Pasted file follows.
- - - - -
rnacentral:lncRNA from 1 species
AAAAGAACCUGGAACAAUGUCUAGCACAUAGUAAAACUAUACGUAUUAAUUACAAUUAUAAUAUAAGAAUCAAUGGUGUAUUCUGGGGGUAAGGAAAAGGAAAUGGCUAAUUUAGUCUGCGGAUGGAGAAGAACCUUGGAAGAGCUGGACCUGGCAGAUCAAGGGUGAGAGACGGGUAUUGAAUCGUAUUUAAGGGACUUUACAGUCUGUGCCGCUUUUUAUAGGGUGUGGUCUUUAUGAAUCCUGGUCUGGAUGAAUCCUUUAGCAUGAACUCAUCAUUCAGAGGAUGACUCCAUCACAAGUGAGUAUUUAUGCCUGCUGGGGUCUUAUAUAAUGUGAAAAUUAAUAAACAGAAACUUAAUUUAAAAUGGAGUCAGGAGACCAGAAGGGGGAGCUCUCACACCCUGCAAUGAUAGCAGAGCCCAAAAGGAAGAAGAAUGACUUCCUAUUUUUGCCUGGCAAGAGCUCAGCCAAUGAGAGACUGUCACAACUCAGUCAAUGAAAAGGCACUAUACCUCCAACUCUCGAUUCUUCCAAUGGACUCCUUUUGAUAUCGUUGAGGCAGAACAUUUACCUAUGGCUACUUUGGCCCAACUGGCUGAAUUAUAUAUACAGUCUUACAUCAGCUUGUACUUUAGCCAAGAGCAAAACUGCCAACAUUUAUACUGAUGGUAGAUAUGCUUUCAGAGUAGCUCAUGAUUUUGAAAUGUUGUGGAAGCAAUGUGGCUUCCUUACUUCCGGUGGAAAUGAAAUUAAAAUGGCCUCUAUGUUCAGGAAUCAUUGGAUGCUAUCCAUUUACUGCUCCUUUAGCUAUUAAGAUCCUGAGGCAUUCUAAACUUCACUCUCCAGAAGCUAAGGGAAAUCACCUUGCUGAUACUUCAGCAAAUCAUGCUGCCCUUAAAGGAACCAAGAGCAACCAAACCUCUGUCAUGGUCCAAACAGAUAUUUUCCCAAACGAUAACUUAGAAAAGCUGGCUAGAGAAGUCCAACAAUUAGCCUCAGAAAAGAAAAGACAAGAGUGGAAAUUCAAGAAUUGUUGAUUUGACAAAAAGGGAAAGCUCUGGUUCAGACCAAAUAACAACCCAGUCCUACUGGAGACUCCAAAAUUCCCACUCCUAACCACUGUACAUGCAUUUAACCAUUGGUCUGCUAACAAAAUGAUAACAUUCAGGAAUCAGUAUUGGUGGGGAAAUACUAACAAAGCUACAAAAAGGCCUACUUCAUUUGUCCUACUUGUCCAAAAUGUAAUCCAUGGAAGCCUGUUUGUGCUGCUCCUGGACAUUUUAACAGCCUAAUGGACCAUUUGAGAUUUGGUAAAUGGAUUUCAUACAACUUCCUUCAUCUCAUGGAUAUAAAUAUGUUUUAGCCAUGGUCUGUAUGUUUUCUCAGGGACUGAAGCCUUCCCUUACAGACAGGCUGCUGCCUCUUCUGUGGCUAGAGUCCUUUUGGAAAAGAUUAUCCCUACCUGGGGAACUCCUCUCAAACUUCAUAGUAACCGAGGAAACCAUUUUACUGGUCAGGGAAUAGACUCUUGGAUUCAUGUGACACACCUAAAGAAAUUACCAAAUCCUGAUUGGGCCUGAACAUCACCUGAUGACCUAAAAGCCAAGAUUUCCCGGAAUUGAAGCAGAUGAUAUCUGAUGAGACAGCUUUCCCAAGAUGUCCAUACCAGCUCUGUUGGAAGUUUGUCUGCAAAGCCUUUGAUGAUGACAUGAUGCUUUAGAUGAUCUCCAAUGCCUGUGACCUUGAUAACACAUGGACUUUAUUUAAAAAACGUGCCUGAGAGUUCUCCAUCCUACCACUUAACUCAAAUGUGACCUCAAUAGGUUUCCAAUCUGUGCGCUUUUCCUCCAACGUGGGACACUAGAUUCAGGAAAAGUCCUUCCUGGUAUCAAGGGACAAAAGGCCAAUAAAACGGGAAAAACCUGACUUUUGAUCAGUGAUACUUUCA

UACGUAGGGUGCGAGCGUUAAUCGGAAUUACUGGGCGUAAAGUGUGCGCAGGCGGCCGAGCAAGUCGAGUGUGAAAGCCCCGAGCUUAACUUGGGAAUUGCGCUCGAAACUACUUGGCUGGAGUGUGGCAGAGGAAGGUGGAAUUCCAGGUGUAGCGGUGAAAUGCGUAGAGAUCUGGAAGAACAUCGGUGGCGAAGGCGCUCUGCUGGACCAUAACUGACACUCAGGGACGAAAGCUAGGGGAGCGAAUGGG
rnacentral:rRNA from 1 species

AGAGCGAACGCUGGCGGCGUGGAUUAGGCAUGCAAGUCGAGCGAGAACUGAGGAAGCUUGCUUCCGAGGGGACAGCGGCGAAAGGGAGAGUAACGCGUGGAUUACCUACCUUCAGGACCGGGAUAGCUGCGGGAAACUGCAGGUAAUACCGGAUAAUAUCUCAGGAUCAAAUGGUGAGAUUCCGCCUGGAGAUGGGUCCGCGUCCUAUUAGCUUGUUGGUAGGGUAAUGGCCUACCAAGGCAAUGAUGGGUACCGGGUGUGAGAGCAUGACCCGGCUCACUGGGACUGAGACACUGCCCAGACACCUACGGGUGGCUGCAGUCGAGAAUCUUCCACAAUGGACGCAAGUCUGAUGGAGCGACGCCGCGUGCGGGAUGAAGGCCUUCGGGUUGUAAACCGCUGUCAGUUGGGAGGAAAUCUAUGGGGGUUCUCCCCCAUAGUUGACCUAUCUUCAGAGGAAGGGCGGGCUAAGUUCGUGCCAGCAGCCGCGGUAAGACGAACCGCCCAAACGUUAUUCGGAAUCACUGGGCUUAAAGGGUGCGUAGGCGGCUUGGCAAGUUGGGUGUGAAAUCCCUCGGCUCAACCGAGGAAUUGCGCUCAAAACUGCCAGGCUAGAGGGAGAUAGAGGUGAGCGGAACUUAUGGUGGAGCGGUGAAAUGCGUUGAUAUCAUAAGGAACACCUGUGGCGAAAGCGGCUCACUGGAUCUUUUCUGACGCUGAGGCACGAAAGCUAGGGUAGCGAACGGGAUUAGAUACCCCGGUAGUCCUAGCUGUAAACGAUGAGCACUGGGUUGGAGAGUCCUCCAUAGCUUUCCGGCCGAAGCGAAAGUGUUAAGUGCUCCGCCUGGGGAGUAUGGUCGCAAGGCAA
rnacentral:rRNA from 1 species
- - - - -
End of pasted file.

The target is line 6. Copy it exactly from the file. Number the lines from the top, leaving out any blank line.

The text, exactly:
rnacentral:rRNA from 1 species